The best thing about a pontoon is there is a lot of room. But it’s no surprise the extra room can make these unique crafts more difficult to anchor than your average runabout. The extra floatation that keeps a pontoon more stable in the midst of rougher water, keeps it moving if the anchor isn’t set correctly.
Head to where you want to anchor, the location will differ based on your needs. Determine the water depth and the nature of the bottom and calculate the amount of rode you will need to release.
The U.S. Coast Guard recommends five to seven times as much line as the depth of the water plus the distance from the surface of the water to the anchor attachment point. Secure your anchor to the cleat at the point of the line where you will want it to stop. From there, point your boat heading into the wind or current, whichever is stronger. Put your engine in idle and bring the pontoon to a stop with the bow just forward of where you want to drop your anchor.
Once your boat is stopped, release the anchor slowly into the water. It’s important to remember not to throw it for safety reasons and because the line is more likely to tangle. Because you are pointed into the direction of the wind, your boat should start to drift backward. This allows the anchor to move down and away as it sinks. If your boat is stationary when the anchor hits the ground, the chain will pile on top if it and stop it from digging in. If your boat is not moving on its own, put the engine into reverse and slowly move forward as you release the rode.
Remember to keep the tension in the anchor rode. This will keep your boat pointed toward the anchor, which is important because it ensures that your rope and anchor do not tangle. If you’re anchoring in rougher water or stronger winds, you may have to put the engine in forward gear to control the direction and speed of the backward drift.
Once you’re in the spot you would like to be in, it’s time to secure the rope so that your anchor will dig in. Wrap the rode twice around a cleat. Once you feel the anchor digging in, put the engine in idle reverse and back down on the anchor to secure it to the bottom. Once it’s set, take note of noticeable landmarks. By checking these points periodically, you can make sure you’re not drifting.
Once you’re ready to leave, the anchor should be easy to pull up if it’s been set correctly. Lift the anchor as vertically as possible so it won’t damage your boat. Carefully wash off mud and debris before bringing it into the boat, especially if you are in waters that are known to contain invasive species.
Often times, two anchors are required to keep the boat from drifting. For serious anchoring, using 3 to 4 feet of heavy chain connected directly to the anchor is advised. The length of the chain should be equal to the length of your boat. For a brief stop or for fishing, an all rope anchor rode or shorter chain will be sufficient. The purpose of the chain is to let the anchor to tip over as well as act as a shock absorber, keeping the anchor on its side without letting waves pull on the boat and cause the anchor to rise up and pull loose. Drop the first anchor off the middle of the bow of the pontoon so there will be less resistance to the water and the wind, and less pull on the anchor. Then use the other anchor to keep the boat from swinging if necessary.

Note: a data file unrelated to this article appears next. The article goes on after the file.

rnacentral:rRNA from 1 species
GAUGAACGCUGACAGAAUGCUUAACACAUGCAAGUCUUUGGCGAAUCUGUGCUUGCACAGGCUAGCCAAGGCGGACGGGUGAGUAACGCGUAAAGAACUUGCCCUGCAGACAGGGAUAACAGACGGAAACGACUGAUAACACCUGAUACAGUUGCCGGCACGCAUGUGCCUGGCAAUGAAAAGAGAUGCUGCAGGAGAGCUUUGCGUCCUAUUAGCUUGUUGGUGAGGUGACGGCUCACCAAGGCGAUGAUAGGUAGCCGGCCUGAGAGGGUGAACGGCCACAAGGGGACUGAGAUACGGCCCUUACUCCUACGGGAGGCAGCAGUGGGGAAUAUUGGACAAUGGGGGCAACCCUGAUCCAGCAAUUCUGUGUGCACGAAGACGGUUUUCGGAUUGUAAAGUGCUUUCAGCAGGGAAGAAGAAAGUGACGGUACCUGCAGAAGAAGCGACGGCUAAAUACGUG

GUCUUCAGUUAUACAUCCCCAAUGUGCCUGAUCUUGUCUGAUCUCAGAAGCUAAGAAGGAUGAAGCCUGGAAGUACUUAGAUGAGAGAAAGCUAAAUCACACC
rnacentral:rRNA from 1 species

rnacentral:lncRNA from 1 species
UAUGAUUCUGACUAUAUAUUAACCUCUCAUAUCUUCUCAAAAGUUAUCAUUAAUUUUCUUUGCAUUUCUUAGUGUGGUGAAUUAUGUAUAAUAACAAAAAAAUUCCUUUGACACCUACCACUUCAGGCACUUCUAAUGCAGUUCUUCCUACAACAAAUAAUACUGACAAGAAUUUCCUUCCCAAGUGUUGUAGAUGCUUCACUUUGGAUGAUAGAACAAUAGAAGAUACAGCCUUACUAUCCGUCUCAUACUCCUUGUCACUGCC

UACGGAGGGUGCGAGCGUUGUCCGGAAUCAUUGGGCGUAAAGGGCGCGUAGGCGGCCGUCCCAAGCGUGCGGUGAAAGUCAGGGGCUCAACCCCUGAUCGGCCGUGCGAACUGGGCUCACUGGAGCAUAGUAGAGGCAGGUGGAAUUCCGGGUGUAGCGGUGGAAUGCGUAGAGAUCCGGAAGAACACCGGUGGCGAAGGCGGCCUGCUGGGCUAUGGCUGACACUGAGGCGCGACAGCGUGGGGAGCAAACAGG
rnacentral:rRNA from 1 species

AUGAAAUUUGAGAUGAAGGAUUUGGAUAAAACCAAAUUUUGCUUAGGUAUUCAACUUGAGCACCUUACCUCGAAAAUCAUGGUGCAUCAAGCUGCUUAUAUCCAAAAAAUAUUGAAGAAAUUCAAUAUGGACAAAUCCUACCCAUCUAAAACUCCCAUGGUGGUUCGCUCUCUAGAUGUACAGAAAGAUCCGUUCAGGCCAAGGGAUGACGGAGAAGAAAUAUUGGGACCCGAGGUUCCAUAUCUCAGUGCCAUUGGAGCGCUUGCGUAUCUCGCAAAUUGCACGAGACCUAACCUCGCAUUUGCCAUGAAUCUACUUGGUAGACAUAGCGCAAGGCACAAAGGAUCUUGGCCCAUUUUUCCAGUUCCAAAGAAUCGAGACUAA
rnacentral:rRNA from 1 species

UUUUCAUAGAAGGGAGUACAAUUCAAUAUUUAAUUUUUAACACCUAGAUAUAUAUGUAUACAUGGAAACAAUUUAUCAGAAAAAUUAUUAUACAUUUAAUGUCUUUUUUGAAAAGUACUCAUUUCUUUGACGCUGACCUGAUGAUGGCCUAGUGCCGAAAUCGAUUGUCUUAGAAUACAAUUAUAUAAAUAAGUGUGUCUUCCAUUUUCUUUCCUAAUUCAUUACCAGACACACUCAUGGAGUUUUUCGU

Know Your Anchor Types
Anchors come in all shapes and sizes. When deciding which one to purchase, consider the weight of your boat, the average depth of your lake or river, typical wind strength and the bottom condition of the water you will most often boat on. Once you determine what anchor would work best for you, remember to size it to your boat.
The Claw or Bruce Anchor
- Allows for 360 degree turns without releasing from the bottom
- Typically does not break out with wind and tide changes and resets easily
- Easily aligns with the force of the wind
- Dependable setter
- Works well with low scope of rodes
- Boat recommendations: compact pontoons
- Bottom conditions: sand and rock
The Fluke or Danforth Anchor
- The two long “flukes” dig into the bottom and bury themselves
- Designed to reset rather than turn
- Large resistance due to flukes digging in
- Very easy to retrieve and store
- High holding power to the weight
- Boat recommendations: most pontoon boats
- Bottom types: sand, clay and mud
The Plow Anchor
- Anchor has two flukes, but relies on its weight to hold
- Digs right in and holds firmly
- Sets fast and has good resistance to wind movement
- Ideal for use with a remote windlass
- Boat recommendations: best suited for larger pontoons
- Bottom types: designed to hold in a wide-variety of bottom conditions
The Richter Anchor
- Anchor design that is touted by fisherman
- Aggressive fluke style to hold in a variety of bottom conditions
- Weighted center
- Release bar for easy retrieval, almost 100 percent of the time
- Boat recommendations: suggested for hard-to-hold pontoon boats
- Bottom types: this extremely versatile anchor is designed for a wide-variety of bottom conditions.
The River Anchor
- Holds well in fast currents and drift areas, hence the name
- Versatile in hard and weedy/grassy bottoms
- Holds, even in windy conditions
- Boat recommendations: designed for pontoons anchoring in a current area, for example, a river.
- Bottom types: muddy and rocky river bottom conditions